Global Survey Confirms Threat To Sharks – But Proves Conservation Can Work
A detailed survey of shark populations reveals that on nearly 20 per cent of coral reefs they have been wiped out. However, the study also shows that basic conservation steps can successfully protect reef sharks.
The survey published in Nature this week used data from more than 15,000 underwater video stations set up on 371 reefs in 58 different countries.
It confirms that the ruthless global overfishing of sharks has caused widespread collapses in shark populations threatening the survival of coral reefs themselves.
The footage gathered over more than four years found that sharks were 'functionally extinct' on almost one in five of the reefs studied. The worst-hit countries were the Dominican Republic, the French West Indies, Kenya, Vietnam and Qatar. In Qatar only three sharks were seen during 800 hours of filming.
Some 34 out of 58 nations had shark numbers that were half what was expected, 'suggesting that loss of reef sharks is pervasive among reefs globally', the study said.
However, the story was very different in countries such as The Bahamas, Micronesia, the Maldives and French Polynesia were the banning of fishing practises such as long-lines and gillnets has allowed strong local population to thrive.
Dr Mark Meekan, from Global FinPrint which carried out the study, said: 'Stopping destructive fishing practices and getting some good governance into these fisheries could change the situation almost overnight. These are very doable things.'
The report highlighted that shark depletion is strongly related to socio-economic conditions such as the density of local human populations and poverty.
The footage recorded 59 different shark species - the vast majority of which were resident on the reefs. It indicates that there has been widespread damage to populations of migratory, pelagic sharks such as blue sharks and oceanic whitetip sharks.
There are areas of the world which are faring better, such as the Central Pacific where shark populations were 40 per cent higher than other regions. This is partly caused by the distance from key markets for shark fins as well as local protection.
One disturbing trend the study showed is that where shark finning for primarily the Chinese market has become established there is a significant local growth in the consumption of shark meat. The authors argue that this indicates the need for effective local interventions to reduce the consumption in such areas.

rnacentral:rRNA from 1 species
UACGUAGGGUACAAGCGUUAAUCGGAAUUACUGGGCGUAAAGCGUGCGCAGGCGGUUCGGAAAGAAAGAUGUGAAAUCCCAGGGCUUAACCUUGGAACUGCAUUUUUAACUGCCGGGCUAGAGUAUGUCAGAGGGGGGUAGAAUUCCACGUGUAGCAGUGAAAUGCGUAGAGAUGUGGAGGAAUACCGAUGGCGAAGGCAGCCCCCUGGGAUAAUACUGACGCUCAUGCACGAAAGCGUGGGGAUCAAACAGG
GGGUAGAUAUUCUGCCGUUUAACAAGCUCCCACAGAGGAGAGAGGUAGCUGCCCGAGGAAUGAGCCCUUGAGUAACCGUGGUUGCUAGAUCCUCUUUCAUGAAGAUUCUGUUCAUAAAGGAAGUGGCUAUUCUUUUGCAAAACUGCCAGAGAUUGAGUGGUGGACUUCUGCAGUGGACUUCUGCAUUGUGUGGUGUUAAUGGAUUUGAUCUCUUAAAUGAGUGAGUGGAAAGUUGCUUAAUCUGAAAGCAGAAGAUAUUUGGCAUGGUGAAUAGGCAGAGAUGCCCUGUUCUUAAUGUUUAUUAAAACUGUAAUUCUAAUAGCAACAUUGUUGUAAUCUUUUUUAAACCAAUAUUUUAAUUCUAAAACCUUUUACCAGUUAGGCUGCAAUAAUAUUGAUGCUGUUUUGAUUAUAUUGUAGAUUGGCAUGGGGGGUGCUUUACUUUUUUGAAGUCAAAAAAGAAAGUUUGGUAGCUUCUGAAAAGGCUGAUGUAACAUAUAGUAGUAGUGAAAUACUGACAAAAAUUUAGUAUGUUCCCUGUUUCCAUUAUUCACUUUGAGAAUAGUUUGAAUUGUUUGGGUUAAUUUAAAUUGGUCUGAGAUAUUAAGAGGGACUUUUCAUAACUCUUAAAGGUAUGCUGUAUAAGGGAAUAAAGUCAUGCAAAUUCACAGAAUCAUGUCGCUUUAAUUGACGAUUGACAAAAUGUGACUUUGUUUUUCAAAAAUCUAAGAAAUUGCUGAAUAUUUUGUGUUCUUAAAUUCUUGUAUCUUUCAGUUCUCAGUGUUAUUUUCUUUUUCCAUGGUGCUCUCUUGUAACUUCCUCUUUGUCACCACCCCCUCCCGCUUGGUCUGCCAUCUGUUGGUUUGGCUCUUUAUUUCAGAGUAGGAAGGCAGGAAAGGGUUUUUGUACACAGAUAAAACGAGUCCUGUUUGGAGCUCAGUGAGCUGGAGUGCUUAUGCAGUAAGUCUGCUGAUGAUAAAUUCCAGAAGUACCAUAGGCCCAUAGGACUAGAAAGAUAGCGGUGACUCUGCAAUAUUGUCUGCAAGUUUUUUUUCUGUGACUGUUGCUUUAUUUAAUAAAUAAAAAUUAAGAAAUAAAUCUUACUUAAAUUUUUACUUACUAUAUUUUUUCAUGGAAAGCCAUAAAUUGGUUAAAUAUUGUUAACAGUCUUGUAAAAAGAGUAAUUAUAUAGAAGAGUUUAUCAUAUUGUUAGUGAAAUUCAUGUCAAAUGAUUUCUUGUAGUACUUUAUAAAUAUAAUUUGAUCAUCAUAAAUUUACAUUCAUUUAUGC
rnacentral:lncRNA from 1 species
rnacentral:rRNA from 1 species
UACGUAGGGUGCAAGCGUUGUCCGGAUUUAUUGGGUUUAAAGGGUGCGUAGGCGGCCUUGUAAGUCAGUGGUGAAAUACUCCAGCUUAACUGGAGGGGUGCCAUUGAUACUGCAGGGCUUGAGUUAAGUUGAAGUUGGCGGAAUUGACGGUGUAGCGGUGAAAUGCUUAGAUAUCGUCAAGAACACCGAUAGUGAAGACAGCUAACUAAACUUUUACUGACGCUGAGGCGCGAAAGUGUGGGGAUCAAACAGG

It also showed that shark sanctuaries plus a ban on the trade in shark products, on average, means more than a 50 per cent higher abundance of sharks – 68 per cent in one case.
The Bahamas, the Solomon Islands, Micronesia and French Polynesia were shown to be significantly better than regional expectations would suggest.
The report said: 'These nations had many of the key attributes that we found to be associated with increased abundances of reef sharks, including being well-governed and/or remote, and having strong, directed management of shark fisheries or shark sanctuaries. By contrast, the worst-ranked nations for reef sharks included Qatar, the Dominican Republic, continental Colombia, Sri Lanka and Guam, which have suffered from varying levels of poor governanceand extreme overfishing.'
The analysis also suggests which countries would benefit most from introducing some shark protect and management. The nations with the highest conservation potential were listed as Madagascar, Mayotte, Vanuatu, USA-Pacific (Hawaii), the British West Indies and Barbados.
The lead author of the study, Dr Aaron MacNeil of Dalhousie University in Canada, said: 'From restricting certain [fishing] gear types and setting catch limits, to national-scale bans on catches and trade, we now have a clear picture of what can be done to limit catches of reef sharks throughout the tropics.'
The study also looked at the potential importance shark conservation can have for economies. For example in Palau, a country with a strong diving sector, as much as nine per cent of its GDP was generated by shark-related tourism.